In addition, in order to demonstrate the capacities of maximum survival and adaptability, the malignant can stop aerobic glycolysis when necessary – and hence temporarily stop their growth and proliferation – and just sit there and survive without any problems until the resumption of favorable conditions, just like a chameleon, by switching back to the use of glucose in the Krebs cycle as a normal cell (Crabtree effect) (33).
The ability to procure the necessary biomass for proliferation through aerobic glycolysis (Warburg effect = proliferation) alternatively with the ability to stop doing so (Crabtree effect = survival by temporarily stopping proliferation) influences cancer treatment efficacy, the new therapies targeting inhibition of aerobic glycolysis being ineffective in completely eradicating some malignant cells that can survive through these alternative mechanisms, increasing the risk of post-treatment recurrence (34).
These effects have been known for over 80 years, and people who still claim that the “malignant cell feeds on animal protein” either have not heard of intestinal protein digestion and malignant cells biochemistry, or they are trying to sell you something.
The effects of Warburg, reverse Warburg and Crabtree, entosis, ketogenesis, gluconeogenesis, and de novo lipogenesis are the small stumps that overturn the great cart of common sense of the people that without a solid background in oncology nutrition nutrition and without a solid clinical practice with cancer patients (35,36).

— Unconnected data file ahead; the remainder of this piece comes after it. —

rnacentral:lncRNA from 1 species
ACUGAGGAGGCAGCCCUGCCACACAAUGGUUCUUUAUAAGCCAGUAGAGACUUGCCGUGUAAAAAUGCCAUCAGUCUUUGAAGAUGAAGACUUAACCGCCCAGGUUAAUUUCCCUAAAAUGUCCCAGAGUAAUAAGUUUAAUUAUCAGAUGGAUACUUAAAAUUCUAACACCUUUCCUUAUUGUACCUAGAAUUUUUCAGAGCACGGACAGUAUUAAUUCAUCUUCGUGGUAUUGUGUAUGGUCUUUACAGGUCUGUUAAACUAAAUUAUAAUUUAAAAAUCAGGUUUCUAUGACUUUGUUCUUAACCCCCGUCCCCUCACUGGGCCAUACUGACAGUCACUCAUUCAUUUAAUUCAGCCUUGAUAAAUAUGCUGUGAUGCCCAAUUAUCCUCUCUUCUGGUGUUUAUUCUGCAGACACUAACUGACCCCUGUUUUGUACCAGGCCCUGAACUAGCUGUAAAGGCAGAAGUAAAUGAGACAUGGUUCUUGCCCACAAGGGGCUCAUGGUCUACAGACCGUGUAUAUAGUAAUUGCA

Removing “animal proteins” from a cancer patient’s diet and feeding him only with vegetables, fruits, kernels, beans and other foods of vegetable origin brings a high intake of glucose easy to use by malignant cells, packed with a lower satiety and a lower ability to overcome oncology treatments’ side effects (37).
- cancer is an extremely unpredictable disease, the shallow elimination of the “animal proteins” not affecting the survival malignant cells, but the survival of the healthy cells
- perfect food does not exist; vegetables, fruits, vegetables, and cereals that are truly organic still contain substances that can be as harmful or more harmful than those as meat, dairy or eggs;
- the malignant cell is more adaptable and more unpredictable than people who recommend veganism as universal panacea can conceive (38).
Biochemically, malignant cells that thrive despite the more or less vague or argumentative personal opinions of self-proclaimed nutrition experts.